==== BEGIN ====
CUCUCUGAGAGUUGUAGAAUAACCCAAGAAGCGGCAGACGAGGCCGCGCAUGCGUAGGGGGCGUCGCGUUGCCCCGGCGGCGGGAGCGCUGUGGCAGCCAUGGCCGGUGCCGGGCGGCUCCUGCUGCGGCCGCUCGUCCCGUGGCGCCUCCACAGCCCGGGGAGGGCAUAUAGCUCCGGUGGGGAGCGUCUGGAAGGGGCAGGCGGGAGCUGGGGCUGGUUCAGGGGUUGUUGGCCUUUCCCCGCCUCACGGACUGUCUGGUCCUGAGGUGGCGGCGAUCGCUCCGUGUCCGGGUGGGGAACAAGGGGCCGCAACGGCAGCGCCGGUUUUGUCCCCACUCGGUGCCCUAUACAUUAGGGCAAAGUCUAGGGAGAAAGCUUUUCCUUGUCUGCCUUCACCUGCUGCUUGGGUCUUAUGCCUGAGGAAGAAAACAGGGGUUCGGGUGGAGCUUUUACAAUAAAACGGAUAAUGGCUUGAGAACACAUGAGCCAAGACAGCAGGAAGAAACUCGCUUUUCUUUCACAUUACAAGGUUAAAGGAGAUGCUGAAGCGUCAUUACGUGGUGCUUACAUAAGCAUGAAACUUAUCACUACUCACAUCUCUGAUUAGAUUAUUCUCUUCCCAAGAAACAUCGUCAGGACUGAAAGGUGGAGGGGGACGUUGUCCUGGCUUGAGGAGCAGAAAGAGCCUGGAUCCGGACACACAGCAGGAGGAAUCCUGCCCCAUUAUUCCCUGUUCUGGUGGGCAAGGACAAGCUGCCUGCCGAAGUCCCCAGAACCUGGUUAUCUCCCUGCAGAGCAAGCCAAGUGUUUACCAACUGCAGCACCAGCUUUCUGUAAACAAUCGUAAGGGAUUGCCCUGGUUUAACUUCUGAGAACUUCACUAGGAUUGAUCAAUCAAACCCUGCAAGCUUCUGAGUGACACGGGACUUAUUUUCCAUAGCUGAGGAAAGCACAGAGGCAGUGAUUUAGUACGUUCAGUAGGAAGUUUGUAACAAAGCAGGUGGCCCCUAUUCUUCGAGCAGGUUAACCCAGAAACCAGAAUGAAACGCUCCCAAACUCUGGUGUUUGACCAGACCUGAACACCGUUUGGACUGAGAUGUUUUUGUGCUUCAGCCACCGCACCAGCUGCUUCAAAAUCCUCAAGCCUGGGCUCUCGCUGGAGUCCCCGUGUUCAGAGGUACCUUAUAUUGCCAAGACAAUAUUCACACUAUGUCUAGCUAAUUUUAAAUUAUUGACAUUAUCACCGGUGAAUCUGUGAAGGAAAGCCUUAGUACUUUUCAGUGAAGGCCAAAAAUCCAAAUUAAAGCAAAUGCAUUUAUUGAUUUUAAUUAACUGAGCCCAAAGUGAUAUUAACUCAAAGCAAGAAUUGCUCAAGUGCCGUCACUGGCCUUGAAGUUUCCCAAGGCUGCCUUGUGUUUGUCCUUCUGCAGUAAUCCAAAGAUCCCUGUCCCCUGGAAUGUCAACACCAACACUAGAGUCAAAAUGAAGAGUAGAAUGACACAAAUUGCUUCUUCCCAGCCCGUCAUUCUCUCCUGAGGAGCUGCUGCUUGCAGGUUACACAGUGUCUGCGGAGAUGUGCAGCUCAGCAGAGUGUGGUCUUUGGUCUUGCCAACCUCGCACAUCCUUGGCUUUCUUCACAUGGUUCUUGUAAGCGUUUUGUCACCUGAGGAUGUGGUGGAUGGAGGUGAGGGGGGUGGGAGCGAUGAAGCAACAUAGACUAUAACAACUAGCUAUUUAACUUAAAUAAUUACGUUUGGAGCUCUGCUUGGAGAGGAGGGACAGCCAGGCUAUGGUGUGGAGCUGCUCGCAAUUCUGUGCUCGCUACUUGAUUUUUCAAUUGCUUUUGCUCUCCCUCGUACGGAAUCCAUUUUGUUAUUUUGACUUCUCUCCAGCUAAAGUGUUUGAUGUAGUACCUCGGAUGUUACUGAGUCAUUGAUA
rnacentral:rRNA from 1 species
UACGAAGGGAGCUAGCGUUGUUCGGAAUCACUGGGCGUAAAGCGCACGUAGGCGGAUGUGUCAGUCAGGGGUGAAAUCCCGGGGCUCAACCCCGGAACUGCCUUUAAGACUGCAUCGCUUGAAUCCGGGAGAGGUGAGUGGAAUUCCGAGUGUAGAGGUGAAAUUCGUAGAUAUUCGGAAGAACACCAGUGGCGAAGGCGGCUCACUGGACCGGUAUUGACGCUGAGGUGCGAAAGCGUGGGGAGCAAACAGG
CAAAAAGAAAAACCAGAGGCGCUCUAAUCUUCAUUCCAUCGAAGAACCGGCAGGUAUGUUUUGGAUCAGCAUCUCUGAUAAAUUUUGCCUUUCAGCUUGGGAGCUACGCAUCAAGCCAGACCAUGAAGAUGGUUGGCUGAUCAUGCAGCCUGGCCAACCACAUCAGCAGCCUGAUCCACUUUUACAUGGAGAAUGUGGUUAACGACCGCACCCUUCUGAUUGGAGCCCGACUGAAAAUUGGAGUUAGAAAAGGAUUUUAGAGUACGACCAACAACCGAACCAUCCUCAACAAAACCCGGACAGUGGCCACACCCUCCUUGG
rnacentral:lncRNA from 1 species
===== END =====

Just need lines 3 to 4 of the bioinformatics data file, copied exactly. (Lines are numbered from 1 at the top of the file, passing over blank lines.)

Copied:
UACGAAGGGAGCUAGCGUUGUUCGGAAUCACUGGGCGUAAAGCGCACGUAGGCGGAUGUGUCAGUCAGGGGUGAAAUCCCGGGGCUCAACCCCGGAACUGCCUUUAAGACUGCAUCGCUUGAAUCCGGGAGAGGUGAGUGGAAUUCCGAGUGUAGAGGUGAAAUUCGUAGAUAUUCGGAAGAACACCAGUGGCGAAGGCGGCUCACUGGACCGGUAUUGACGCUGAGGUGCGAAAGCGUGGGGAGCAAACAGG
CAAAAAGAAAAACCAGAGGCGCUCUAAUCUUCAUUCCAUCGAAGAACCGGCAGGUAUGUUUUGGAUCAGCAUCUCUGAUAAAUUUUGCCUUUCAGCUUGGGAGCUACGCAUCAAGCCAGACCAUGAAGAUGGUUGGCUGAUCAUGCAGCCUGGCCAACCACAUCAGCAGCCUGAUCCACUUUUACAUGGAGAAUGUGGUUAACGACCGCACCCUUCUGAUUGGAGCCCGACUGAAAAUUGGAGUUAGAAAAGGAUUUUAGAGUACGACCAACAACCGAACCAUCCUCAACAAAACCCGGACAGUGGCCACACCCUCCUUGG